I’ll cop to this: my shelves contain more books I’ve never finished than books I’ve read. But I don’t think I’m quite to the point that Charlie Brooker describes in the Guardian
I’m fairly certain I recently passed a rather pathetic tipping point, and now own more unread books and unwatched DVDs than my remaining lifespan will be able to sustain.
For one thing, I don’t buy DVD’s, except for an occasional pick from the $5 grocery store bin.
In related news, why hasn’t everyone in America viewed and memorized the eminently quotable Bowfinger?
My husband and I have committed to the more efficient strategy of arranging our Netflix queue to contain Important Subtitled Films for Cultural Literacy, then promptly shelving discs like Cinema Paradisio while watching SNL clips at Hulu. Then, when the children ask why their movie hasn’t come in the mail after a couple of months, the dusty red envelope goes right back into the mailbox and we await Scooby-Doo and the Mysterious Haunted Delicatessen. It works for us.
Here we’re back to the Partial Book Review feature that I’m really going to resume one of these days. My feeling is that even when I do read a book cover to cover, it’s not like I remember most of it (Fig. 1):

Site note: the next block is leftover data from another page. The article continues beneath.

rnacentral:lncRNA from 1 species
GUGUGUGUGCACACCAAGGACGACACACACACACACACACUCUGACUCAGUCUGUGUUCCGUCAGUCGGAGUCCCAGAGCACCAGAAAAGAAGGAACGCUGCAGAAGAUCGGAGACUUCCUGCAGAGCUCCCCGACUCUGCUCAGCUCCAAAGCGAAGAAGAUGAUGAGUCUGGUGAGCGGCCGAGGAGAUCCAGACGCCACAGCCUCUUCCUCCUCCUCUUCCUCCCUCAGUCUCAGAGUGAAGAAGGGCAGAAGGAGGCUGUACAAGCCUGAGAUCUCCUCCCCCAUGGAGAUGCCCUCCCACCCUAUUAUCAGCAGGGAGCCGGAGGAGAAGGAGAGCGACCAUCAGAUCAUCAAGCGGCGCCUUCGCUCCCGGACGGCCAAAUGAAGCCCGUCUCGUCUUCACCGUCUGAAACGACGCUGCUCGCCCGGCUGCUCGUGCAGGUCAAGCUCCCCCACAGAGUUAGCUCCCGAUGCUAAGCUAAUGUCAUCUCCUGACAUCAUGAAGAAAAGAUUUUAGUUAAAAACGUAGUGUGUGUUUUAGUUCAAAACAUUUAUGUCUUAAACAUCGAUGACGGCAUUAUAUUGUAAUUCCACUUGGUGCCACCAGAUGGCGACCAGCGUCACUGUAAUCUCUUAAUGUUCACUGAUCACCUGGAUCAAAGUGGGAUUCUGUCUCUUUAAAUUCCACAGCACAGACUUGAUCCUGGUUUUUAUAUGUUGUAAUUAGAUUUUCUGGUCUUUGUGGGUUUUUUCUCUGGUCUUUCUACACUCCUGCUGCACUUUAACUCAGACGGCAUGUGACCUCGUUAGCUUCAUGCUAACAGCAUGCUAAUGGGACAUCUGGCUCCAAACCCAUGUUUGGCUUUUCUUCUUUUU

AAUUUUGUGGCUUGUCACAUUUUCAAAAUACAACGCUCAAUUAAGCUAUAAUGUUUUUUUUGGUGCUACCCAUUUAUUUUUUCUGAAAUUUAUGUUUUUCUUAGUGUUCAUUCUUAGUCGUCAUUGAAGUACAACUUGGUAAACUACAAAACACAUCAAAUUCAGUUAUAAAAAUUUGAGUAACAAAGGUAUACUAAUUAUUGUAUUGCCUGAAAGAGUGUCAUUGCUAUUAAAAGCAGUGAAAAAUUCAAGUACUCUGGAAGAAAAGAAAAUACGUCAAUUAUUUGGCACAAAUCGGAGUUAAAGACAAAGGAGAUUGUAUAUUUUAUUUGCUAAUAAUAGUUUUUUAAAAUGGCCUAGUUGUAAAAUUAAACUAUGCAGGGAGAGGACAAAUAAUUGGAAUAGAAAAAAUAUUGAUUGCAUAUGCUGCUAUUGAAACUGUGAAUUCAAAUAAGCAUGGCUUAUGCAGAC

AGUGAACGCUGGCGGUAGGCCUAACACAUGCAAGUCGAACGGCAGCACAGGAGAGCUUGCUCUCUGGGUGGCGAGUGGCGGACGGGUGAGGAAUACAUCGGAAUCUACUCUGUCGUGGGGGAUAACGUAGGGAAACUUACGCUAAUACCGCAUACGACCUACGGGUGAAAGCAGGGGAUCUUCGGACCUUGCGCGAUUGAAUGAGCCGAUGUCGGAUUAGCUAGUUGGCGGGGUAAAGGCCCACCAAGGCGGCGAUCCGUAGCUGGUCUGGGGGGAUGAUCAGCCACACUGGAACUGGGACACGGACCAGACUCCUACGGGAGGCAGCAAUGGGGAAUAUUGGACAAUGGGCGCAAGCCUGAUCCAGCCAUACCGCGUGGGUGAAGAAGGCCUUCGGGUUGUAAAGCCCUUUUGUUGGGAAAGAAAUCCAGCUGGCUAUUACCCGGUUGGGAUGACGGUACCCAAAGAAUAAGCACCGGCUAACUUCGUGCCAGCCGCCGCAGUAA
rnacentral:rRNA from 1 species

Thus, we see that the net result of the average book-reading session approximately three weeks out is a retention rate of 18.9%. Allowing for the increase in mental productivity from writing about what subjects the Subject has read, we may extrapolate that the composition of a review based on 43.1% of the book will result in a net retention rate of 23.5%, an improvement of 4.6 percentage points.
An additional benefit of coming to terms with the Failure to Read in Full is an overall reduction in library fines of $147 per annum, or approximately one and one-half shelves’ worth of commemorative library square footage, as could potentially be notated in faux brass engraved plaque to be affixed to said shelves, were the funds donated outright instead of funnelled through the “fines are fine” mechanism.